Water works

Article illustration

Photo: Beau Wade

We know that eventually even New Zealand, which is deluged in more rain that we can handle, must face up to the world-wide water crisis. It’s taken a business group to seize the nettle and produce a very good thought-starter on water, business and the rest of us.

The key issue: by 2012 all water rights in the most economically significant parts of the country will be allocated. After that, water turns into a fought after resource and basically it’s first in, first serve.

That’s no way to manage a precious resource.

We all need water: for growing cows and Kiwifruit, for generating power and mixing with our Raro. An unplanned future will result in a major ‘aqua-grab’ and the winners will not be ordinary people like you and me. It will be well-resourced corporations.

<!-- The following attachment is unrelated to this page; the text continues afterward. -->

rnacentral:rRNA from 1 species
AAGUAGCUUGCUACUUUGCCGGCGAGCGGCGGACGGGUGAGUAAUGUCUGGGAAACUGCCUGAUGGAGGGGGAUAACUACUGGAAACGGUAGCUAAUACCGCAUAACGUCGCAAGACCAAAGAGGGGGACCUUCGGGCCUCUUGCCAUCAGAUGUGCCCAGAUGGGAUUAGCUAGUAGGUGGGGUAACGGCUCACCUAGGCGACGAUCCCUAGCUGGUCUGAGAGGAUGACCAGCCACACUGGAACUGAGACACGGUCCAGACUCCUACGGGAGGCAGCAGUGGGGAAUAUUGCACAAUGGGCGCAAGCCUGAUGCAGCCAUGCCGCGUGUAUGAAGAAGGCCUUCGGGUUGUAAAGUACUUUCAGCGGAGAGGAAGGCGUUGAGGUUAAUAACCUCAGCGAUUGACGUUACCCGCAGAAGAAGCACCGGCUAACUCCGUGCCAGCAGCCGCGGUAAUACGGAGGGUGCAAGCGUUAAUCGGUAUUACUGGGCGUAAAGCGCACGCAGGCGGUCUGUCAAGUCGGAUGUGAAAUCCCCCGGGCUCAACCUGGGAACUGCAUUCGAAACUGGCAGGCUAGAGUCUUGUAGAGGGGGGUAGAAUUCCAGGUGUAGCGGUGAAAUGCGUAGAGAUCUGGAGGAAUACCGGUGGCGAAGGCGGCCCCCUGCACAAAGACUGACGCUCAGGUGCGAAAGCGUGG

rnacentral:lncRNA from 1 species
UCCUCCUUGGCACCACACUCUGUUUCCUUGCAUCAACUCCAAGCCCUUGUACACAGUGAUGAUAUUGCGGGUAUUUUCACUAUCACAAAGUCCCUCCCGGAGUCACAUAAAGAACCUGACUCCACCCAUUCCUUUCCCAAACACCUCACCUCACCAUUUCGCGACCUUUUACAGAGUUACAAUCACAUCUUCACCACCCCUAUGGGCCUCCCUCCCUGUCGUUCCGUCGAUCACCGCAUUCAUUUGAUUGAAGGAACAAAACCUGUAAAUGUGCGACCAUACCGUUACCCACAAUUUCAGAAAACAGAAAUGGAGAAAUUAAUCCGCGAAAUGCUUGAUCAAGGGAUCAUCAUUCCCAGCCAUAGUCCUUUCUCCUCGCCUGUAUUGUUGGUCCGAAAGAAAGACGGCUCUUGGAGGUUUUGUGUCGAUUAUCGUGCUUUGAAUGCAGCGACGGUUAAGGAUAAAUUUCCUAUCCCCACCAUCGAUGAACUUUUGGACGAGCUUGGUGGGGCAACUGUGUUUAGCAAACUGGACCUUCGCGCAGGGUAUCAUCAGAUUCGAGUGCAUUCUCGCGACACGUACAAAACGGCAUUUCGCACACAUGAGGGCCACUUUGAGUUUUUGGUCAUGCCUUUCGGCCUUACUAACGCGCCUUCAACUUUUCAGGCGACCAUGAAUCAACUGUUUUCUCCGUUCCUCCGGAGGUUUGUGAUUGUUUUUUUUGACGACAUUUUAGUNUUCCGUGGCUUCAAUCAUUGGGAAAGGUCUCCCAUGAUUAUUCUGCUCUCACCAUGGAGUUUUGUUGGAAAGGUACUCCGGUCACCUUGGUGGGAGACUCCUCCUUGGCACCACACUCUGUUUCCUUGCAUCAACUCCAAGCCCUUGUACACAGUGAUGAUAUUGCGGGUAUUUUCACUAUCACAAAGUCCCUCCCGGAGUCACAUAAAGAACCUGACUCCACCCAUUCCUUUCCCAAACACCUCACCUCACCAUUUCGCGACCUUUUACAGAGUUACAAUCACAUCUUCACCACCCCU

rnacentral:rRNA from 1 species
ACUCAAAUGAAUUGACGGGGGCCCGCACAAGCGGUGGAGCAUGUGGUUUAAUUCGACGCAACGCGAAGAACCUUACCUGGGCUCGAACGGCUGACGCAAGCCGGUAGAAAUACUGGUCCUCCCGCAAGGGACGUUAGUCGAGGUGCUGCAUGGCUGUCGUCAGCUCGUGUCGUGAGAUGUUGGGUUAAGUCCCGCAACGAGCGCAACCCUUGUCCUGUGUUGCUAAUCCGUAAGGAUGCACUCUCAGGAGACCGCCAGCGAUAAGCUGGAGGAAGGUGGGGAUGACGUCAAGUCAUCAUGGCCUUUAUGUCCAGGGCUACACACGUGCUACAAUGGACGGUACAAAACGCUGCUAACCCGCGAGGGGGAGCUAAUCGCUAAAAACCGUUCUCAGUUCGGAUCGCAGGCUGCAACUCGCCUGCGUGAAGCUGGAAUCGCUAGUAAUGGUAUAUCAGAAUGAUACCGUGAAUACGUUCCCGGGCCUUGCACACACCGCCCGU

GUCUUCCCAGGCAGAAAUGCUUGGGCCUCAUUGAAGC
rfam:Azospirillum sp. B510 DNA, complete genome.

The report by the Business Council for Sustainable Development recommends a Best Use solution. This means creating a two-tiered system of planning: a law-based plan (similar to a District Plan) and a market-based system that allocates a certain amount to be traded by city governments and businesses. Think of it a bit like the cap and trade system being proposed for carbon emissions.

This differs from the current system which is more like a seat grab at the cricket. Under this scenario, if you have a right but don’t exercise that right, the water is ‘wasted’. The report says up to 80% of water could be shared or reallocated if there was a way to ‘sell’ the rights between bidders.

This approach requires a shift in thinking—the same shift that’s now proposed by the ETS.

Not before time. New Zealand has been woefully slow in adopting market mechanisms for managing public assets, such as roads and utilities. Such approaches are too easily dismissed as privatisation. We need to get over that as a post-90s hang up. 

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